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The Smell of Other People's Houses (Paperback)
A series of vignettes ties the lives of four teenagers together in 1970’s Alaska in Bonnie-Sue Hitchcock’s latest novel. Teen pregnancy, physical and mental abuse, religion, isolation, love, tragedy and the meaning of freedom all play a role in this drama that explores the defining years of young lives during the similarly defining years of Alaska’s statehood."
--Matt, Longfellow Books— From Matt Recommends!
“Bonnie-Sue Hitchcock’s Alaska is beautiful and wholly unfamiliar…. A thrilling, arresting debut.” —Gayle Forman, New York Times bestselling author of If I Stay and I Was Here
“[A] singular debut. . . . [Hitchcock] weav[es] the alternating voices of four young people into a seamless and continually surprising story of risk, love, redemption, catastrophe, and sacrifice.” —The Wall Street Journal
This deeply moving and authentic debut set in 1970s Alaska is for fans of Rainbow Rowell, Louise Erdrich, Sherman Alexie, and Benjamin Alire Saenz. Intertwining stories of love, tragedy, wild luck, and salvation on the edge of America’s Last Frontier introduce a writer of rare talent.
Ruth has a secret that she can’t hide forever. Dora wonders if she can ever truly escape where she comes from, even when good luck strikes. Alyce is trying to reconcile her desire to dance, with the life she’s always known on her family’s fishing boat. Hank and his brothers decide it’s safer to run away than to stay home—until one of them ends up in terrible danger.
Four very different lives are about to become entangled. This unforgettable William C. Morris Award finalist is about people who try to save each other—and how sometimes, when they least expect it, they succeed.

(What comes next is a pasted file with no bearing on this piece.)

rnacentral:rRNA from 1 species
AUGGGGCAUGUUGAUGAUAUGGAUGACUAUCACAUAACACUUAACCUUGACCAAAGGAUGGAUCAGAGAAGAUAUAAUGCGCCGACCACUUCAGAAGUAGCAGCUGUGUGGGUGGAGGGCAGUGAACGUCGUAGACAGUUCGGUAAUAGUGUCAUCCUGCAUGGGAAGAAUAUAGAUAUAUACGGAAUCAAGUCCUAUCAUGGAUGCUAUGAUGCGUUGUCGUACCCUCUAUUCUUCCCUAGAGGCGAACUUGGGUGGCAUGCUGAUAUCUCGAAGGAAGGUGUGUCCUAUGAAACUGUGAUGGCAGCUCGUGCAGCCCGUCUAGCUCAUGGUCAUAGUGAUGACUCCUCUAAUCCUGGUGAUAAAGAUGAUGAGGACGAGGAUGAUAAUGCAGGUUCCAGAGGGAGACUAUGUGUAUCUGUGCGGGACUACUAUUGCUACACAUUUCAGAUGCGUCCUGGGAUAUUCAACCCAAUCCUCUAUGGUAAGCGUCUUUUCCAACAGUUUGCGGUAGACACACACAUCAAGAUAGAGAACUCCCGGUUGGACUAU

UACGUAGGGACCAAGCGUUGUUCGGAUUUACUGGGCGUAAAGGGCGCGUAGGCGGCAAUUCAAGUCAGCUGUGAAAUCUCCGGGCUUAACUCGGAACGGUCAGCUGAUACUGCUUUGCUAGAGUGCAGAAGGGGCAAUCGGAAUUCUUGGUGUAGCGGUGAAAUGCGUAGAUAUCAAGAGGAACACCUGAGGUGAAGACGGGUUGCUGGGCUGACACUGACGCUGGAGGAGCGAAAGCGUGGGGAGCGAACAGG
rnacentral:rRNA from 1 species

William C. Morris Finalist
Shortlisted for the Carnegie Medal
Amelia Elizabeth Walden Book Award for Young Adult Fiction
Tayshas Reading List—Top 10 List
New York Public Library’s Best 50 Books for Teens
Chicago Public Library, Best of the Best List
Shelf Awareness, Best Children’s & Teen Books of the Year
Nominated to the Oklahoma Sequoya Book Award Master List
Nominated to the Colorado Blue Spruce Young Adult Book Award
“Hitchcock’s debut resonates with the timeless quality of a classic. This is a fascinating character study—a poetic interweaving of rural isolation and coming-of-age.” —John Corey Whaley, award-winning author of Where Things Come Back and Highly Illogical Behavior
“As an Alaskan herself, Bonnie Sue Hitchcock is able to bring alive this town, and this group of poor teens and their families that live there.” —Bustle.com
About the Author
Bonnie-Sue Hitchcock was born and raised in Alaska. She worked many years fishing commercially with her family and as a reporter for Alaska Public Radio stations around the state. She was also the host and producer of “Independent Native News,” a daily newscast produced in Fairbanks, focusing on Alaska Natives, American Indians, and Canada’s First Nations. Her writing is inspired by her family’s four generations in Alaska.
A William C. Morris Award Finalist
A New York Public Library Best Book for Teens, 2016
“An exquisitely drawn, deeply heartfelt look at a time and place not often addressed. Hitchcock’s measured prose casts a gorgeous, almost otherworldly feel over the text, resulting in a quietly lovely look at the various sides of human nature and growing up in a difficult world.” —Booklist, Starred
"Using alternating narratives, debut novelist Hitchcock deftly weaves these stories together, setting them against the backdrop of a native Alaska that readers will find intoxicating. . . . will resonate with readers of all ages." —Publishers Weekly
“An affecting story of fractured love and surprising redemption.” —Shelf Awareness, Starred
“A multifaceted glimpse into [a] rich cast of characters. . . . An excellent debut.” —SLJ
“The Alaskan author depicts places and an era rarely seen in fiction for teens….All benefit from her journalist’s eye for detail.” —Kirkus Reviews
“Grounded in emotional honesty.” —The Horn Book
“An honest, gritty, and moving portrait of growing up in Alaska. Only someone who knows and loves this place through and through could tell this story. This book is Alaska.” —Eowyn Ivey, author of the New York Times bestseller The Snow Child
“As only a native of Alaska can, Bonnie-Sue Hitchcock blends narratives of indigenous and non- into a buffet of pain and beauty. Highly recommended.” —Tim Tingle, author of the series How I Became a Ghost